As a non-connoisseur of arithmetic and arithmetic geometry, I would like to ask about some terminology, which meaning I haven't been able to find out on some books, nor on wikipedia, nor by google.

First,

What's a "universal domain" (of a given characteristic)?

What I knew is that, on a scheme, a (not necessarily closed) point x is called a specialization of a point y (which in turn is called a generization of x) if x lies on the topological closure of the sigleton {y}.

Does it make sense, in some context, to say that a given scheme (or subscheme of a fixed scheme) is the "specialization" of another one?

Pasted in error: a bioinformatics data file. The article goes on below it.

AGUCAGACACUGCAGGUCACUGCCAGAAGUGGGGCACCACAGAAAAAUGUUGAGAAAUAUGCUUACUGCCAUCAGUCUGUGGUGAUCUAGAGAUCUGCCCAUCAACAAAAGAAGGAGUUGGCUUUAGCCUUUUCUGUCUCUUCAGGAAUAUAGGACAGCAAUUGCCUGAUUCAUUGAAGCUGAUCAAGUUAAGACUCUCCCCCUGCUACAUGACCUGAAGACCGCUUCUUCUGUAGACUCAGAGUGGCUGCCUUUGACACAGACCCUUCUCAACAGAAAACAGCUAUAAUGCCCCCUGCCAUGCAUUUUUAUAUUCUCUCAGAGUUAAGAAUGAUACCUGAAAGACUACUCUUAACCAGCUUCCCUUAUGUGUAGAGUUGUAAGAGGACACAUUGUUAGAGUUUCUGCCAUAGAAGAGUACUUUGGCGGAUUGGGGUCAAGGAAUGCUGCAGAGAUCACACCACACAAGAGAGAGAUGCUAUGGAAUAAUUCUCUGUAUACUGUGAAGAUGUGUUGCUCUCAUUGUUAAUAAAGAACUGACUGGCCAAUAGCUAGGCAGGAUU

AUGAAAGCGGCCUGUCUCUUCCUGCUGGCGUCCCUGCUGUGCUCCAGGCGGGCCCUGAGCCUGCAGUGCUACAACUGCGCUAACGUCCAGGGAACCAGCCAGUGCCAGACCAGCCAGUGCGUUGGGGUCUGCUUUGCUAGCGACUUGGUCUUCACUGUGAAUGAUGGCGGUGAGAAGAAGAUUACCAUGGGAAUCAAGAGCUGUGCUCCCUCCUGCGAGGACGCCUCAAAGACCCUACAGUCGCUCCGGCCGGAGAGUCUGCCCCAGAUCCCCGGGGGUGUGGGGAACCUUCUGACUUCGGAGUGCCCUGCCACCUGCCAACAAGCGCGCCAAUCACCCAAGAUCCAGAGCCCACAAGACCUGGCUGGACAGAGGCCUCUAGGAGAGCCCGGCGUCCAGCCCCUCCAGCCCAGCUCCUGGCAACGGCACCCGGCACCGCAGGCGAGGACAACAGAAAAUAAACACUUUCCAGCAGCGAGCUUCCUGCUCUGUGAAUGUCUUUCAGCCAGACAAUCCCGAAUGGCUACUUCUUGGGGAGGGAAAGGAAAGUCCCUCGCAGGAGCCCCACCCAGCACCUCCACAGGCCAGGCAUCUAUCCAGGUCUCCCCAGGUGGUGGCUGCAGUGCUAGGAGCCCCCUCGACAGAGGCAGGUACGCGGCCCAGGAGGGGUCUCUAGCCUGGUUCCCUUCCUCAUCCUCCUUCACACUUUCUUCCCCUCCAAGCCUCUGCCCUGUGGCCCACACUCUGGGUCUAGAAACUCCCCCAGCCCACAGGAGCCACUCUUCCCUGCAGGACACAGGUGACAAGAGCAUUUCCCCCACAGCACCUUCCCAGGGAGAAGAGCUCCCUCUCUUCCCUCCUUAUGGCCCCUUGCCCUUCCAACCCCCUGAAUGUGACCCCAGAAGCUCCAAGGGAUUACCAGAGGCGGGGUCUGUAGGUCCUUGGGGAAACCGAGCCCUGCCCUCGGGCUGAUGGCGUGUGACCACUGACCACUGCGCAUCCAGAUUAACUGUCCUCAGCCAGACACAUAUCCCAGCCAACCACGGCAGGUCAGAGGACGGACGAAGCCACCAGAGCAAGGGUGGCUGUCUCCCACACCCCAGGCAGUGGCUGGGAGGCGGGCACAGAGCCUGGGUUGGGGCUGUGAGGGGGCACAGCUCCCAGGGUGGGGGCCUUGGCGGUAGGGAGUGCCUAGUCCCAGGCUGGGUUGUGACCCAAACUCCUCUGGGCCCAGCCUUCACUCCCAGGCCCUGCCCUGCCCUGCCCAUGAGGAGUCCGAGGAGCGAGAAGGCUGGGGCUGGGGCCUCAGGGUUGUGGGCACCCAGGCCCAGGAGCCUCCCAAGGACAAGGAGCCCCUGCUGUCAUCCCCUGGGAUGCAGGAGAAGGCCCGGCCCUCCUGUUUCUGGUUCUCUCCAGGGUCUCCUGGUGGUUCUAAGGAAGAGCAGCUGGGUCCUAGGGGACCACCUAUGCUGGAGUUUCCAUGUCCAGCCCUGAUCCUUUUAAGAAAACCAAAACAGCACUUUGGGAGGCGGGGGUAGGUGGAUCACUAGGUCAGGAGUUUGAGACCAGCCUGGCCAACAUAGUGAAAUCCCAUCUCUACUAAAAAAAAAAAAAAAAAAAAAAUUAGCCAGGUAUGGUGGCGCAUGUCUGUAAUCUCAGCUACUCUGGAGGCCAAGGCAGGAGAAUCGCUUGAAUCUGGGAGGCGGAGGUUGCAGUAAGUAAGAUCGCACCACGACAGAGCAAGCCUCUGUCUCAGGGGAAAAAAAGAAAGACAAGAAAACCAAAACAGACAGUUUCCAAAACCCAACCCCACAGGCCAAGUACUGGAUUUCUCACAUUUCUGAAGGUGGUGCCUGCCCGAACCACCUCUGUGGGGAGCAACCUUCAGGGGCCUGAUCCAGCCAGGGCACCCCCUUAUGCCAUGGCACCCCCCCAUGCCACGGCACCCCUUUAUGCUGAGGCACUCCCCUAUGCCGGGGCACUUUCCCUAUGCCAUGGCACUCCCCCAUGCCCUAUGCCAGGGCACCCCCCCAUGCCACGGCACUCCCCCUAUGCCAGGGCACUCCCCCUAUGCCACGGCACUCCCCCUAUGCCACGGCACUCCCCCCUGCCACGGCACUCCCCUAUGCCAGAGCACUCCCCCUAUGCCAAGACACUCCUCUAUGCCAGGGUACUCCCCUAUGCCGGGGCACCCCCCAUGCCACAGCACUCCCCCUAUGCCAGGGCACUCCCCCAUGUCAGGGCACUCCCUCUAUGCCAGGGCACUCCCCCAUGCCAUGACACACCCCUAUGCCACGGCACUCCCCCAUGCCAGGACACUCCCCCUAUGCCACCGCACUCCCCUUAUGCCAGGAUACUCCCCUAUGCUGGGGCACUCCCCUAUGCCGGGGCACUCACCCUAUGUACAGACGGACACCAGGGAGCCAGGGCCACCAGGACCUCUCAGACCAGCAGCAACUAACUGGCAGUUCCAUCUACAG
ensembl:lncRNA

Suppose you are in the following context (that I will naively try to set). You are given a scheme $M$ over the integers, such that over points of $Spec \mathbb{Z}$ it has fibers that are algebraic varieties over the residue fields $\mathbb{F}_p$, $p\geq 0$, (or maybe over a "universal domain" of suitable characteristic?). Suppose also that it is kind of an "arithmetic moduli space" for e.g. curves of some genus so that closed points of its fiber "over p" parametrize curves of that genus in characteristic p.

In the above context, or in a similar one, does it make sense to say that "a curve $C'$ is a specialization of another curve $C$"? What about the assertion "the jacobian $J'$ is a specialization of the jacobian $J$"?

Also,

What's a "specialization over another specializaion"?

What's the "Chow method" to construct the jacobian of a nonsingular curve (of any characteristic)?

What's the "Chow point"? (I suppose it's a concept related to field extensions...)